Take a chart of music that is 4/4 with one chord per measure, and pick a "five fret zone" on the fretboard/fingerboard, look at the first chord and play the lowest note of that chord in that zone, and play four chord tones up for that measure, then play the next higher closest note in the next chord. I mean, look at where you are on the fretboard, determine the notes in the next chord, and since you are playing up, play the next cord tone up from where you are. Keep doing this until you run out of room in your five fret zone, and start down. The same way. Chord tones in order, then the next closest chord tone from the next chord, then when you get to the lowest note, and turn up again, for the next chord, start on the next chord tone, but play up four key scale notes from that chord note, then look at the next chord, and jump up to the next closest chord tone to start the next measure, but continue moving up four key notes. Switch back and forth playing chord tones (arpeggios) and key notes.

    Do this for different five fret zones, and different charts, and mix up the chord tones and key notes, and then go through the entire chart starting every measure on the 1 of the chord, then the 3 of the chord, then the 5 of the chord, then the 7 of the chord.

    Eventually you will discover that you can play more fluid lines, controlling what chord tones you are starting with and landing on, all over the neck, instead of a few pat locations.

    Are you playing modes? Well...you are playing notes from the key...and chord tones...yes, you are playing "modes", but you can do it by thinking of the chords and the one key scale.

    Too many people get caught up in D Dorian being the notes of the C Major scale starting on D, well let me be the first to tell you, that D, E, F, G, A, B, C is C Major scale starting on D, the D Dorian mode starting on D, and the G Mixolydian mode starting on D, etc. How many songs do you know where the melody starts every measure on the 1 of the chord and plays up the mode scale until the next measure? It is way more important to outline the chord tones, "playing through the changes", by playing chord tones and key notes, than to think about playing a different mode scale each measure.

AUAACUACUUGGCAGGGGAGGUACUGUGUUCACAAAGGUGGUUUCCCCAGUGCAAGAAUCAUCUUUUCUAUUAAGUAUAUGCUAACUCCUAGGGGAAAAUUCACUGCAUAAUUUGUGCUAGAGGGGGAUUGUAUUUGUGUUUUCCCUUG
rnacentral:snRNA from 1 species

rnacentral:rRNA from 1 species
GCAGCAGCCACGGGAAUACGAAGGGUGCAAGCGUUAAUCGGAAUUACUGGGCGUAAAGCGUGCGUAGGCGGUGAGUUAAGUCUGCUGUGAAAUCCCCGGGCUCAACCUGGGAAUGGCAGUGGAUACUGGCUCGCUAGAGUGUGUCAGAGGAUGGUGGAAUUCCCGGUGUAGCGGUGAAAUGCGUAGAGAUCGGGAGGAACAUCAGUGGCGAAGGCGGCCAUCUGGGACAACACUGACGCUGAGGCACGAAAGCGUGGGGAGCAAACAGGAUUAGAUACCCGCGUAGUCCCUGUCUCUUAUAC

Most people stop one third of the way. They learn how to determine the key notes for a sequence of chords, and they remain confused on the modes, and they never learn the locations or sounds of the chord tones. So they blow through the chord sequence playing random notes from a major scale fingering pattern and end up sounding like a scale exercise. Some others learn walking basslines by playing only arpeggios, and never mix in a series of key notes here and there.

    I recommend that you learn how to outline the chord changes first, with chord tones and key scale notes, while continuing to learn about and think about modes, and you may end up understanding modes, but not ever actually using them.

  4. tim99

    tim99 Supporting Member

    Jan 28, 2003
    I am sorry, but most people who do this end up thinking that D to D is the D Dorian mode of the key of C, and some even think that D to D is the C Dorian mode. This type of thinking may cause problems later.

    The D Dorian mode is a scale in itself. You may actually want to play that mode scale in keys other than C or against chords other than Dm7. To remain thinking that it is the D Dorian mode of the Key of C, or oh my goodness, to remain thinking that D to D is somehow the C Dorian mode, just keeps you confused.

    To get you away from thinking that "D Dorian is the C Major scale from D to D instead of C to C", these scale formulas that define each mode as a separate scale.

    Mode.......Interval Pattern..Formulas.........
    Ionian.....w w h w w w h.....1 2 3 4 5 6 7
    Dorian.....w h w w w h w.....1 2 b3 4 5 6 b7
    Phrygian...h w w w h w w.....1 b2 b3 4 5 b6 b7
    Lydian.....w w w h w w h.....1 2 3 #4 5 6 7
    Mixolydian.w w h w w h w.....1 2 3 4 5 6 b7
    Aeolian....w h w w h w w.....1 2 b3 4 5 b6 b7
    Locrian....h w w h w w w.....1 b2 b3 4 b5 b6 b7

    It is way better to play through all the modes starting with the exact same note. For example: C Ionian, C Dorian, C Phrygian, etc. In that way you learn that each mode has its own sound based on the starting note, and each mode is a different sequence of notes, each with different sounds and coresponding chord relationships.

    Using the above formulas starting on C yeilds:

    C IONIAN......C D E F G A B C C
    C DORIAN......C D Eb F G A Bb C Bb
    C PHRYGIAN....C Db Eb F G Ab Bb C Ab
    C LYDIAN......C D E F# G A B C G
    C AEOLIAN.....C D Eb F G Ab Bb C Eb
    C LOCRIAN.....C Db Eb F Gb Ab Bb C Db

  5. Marc Piane

    Marc Piane

    Jun 14, 2004
    bassmonkey - be patient. Modes and scales and their uses are pretty complex. Let your teacher be your yoda. Just associating D Dorian with the Dm7 chord is just the tip of the iceberg and may not always be correct. tim99's 5 points are very good ones. I think it is more important to recognize what is going on in the tune and how you line/solo can help the tune move. Remember we are making aesthetic descisions. Scales are great but they are just tools. An understanding of a given tune is huge.
  6. tim99

    tim99 Supporting Member

    Jan 28, 2003